Attic Ventilating Fan

On hot summer days, the air in an uninsulated attic can heat up to 130 to 150 degrees Fahrenheit. Sure, you could just stay out of the attic on warm days, but the problem is the heat built up in the attic will seep down through gaps in the ceiling and make the rest of the house hotter as well.

Not only does the increased heat make your home stuffy and uncomfortable, it also makes your air conditioner work harder and raises your summer energy bills. An attic ventilating fan can significantly help to alleviate this problem.

A ventilating fan in the attic can lower the attic’s temperature as much as 20 to 30 percent, and in the rooms directly below by up to 10 to 15 %. The cooling is accomplished through replacement of heated interior air by cooler exterior air, rather than by air conditioning and dehumidification.

Ventilation Controls

Attic fans will are controlled by a thermostat that is set to turn the fan on when the air in the attic heats to a certain temperature, and to shut off the fan when the temperature falls below a certain point.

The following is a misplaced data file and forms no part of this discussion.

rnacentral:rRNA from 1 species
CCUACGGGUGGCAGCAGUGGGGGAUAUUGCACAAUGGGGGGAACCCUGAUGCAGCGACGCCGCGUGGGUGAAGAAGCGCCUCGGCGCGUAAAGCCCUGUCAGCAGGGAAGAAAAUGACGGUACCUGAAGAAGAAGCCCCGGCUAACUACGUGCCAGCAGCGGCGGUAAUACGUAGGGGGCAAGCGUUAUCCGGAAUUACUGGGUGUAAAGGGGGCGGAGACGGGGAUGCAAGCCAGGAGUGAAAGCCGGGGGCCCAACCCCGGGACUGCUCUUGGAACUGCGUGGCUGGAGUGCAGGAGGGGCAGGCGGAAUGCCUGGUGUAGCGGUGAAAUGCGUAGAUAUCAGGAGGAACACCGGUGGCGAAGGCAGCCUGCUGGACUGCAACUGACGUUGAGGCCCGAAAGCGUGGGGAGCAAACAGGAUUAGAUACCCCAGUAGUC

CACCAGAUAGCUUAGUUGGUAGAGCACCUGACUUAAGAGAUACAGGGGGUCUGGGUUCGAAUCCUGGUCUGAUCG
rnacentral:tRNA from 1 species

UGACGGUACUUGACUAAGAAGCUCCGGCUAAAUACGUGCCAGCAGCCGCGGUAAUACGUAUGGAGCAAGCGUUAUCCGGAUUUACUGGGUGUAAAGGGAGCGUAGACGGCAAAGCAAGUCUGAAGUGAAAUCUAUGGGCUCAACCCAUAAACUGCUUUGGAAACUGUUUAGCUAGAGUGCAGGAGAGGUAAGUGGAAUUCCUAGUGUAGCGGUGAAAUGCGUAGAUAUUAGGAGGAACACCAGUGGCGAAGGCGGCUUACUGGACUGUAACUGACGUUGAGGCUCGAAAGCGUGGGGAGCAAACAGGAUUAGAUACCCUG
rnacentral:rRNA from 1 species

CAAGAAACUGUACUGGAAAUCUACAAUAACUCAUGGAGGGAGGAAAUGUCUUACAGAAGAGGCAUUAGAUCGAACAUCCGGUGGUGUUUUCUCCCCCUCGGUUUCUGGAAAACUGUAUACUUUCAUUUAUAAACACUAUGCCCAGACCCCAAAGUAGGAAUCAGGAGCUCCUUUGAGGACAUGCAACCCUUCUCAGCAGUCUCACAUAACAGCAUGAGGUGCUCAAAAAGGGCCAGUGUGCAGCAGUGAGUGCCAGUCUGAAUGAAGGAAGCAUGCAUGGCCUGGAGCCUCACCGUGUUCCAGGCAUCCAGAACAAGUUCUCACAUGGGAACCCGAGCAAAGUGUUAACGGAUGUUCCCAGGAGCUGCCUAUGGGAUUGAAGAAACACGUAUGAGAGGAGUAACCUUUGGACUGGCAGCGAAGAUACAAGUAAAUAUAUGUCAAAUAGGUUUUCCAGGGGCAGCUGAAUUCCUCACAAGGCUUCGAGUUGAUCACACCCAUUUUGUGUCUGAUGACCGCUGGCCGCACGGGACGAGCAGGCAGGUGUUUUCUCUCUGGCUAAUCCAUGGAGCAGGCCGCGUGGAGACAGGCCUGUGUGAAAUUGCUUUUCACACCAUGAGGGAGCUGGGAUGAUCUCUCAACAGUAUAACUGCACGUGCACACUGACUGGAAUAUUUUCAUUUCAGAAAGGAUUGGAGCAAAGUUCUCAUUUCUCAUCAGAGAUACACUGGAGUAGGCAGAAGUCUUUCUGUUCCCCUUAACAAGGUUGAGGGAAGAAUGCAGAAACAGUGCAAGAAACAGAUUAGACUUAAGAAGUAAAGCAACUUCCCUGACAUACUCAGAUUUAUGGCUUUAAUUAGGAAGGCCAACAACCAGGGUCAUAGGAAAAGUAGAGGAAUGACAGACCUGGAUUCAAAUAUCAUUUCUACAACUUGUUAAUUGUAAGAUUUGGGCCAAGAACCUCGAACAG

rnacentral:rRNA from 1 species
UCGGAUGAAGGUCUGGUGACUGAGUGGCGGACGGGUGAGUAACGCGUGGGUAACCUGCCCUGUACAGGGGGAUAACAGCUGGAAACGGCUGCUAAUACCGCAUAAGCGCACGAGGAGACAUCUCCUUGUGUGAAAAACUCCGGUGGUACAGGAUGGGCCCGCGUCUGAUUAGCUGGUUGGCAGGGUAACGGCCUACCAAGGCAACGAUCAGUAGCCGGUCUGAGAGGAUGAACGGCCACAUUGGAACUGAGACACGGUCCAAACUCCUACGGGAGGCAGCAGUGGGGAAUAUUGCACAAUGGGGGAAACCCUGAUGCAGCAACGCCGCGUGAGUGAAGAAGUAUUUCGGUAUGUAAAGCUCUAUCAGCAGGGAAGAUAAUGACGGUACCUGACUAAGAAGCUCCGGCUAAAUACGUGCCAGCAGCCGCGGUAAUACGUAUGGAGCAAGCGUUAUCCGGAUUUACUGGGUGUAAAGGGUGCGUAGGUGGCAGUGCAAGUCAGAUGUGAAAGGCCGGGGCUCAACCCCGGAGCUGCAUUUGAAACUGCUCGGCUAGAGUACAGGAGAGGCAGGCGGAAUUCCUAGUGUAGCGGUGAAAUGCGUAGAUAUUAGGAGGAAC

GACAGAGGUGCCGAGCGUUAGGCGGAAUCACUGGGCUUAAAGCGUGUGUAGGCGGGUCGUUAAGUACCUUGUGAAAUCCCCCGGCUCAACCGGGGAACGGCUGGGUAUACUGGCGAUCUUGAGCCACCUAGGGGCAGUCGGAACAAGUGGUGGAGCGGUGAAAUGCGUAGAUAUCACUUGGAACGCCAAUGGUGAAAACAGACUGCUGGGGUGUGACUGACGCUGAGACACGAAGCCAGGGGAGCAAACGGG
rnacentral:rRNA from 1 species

Many attic fans also are equipped with a firestat, which shuts the fan off at extreme high temperatures so that the fan does not draw fire and/or smoke into the attic during a house fire.

Another control that is added in areas of high humidity is a humidistat, which will enable the fan to remove moisture from the attic during the winter. This helps prevent formation of ice dams on the roof. It can also prevent damage and rot in rafters and other roof framing members caused by ice buildup inside the attic.

Fan Tips

Attic ventilation fans are either of the centrifugal or propeller type. They draw the cooler air from the exterior into the house’s lower stories and discharge it through windows or grilles in the attic.

Fans should be capable of at least 30 air changes per hour the size of the attic to be ventilated. Care should also be taken to select a fan that is quiet in operation. A low maintenance model is always preferable, so check the manufacturer’s recommended lubrication schedule. Fan motors with sealed bearings don’t need any lubrication, so look for that feature.

In the spring, prior to the onset of warmer weather, fan blades and housings need to be cleaned, for maximum efficiency, as do all window screens, vent screens and other vent openings such as soffits.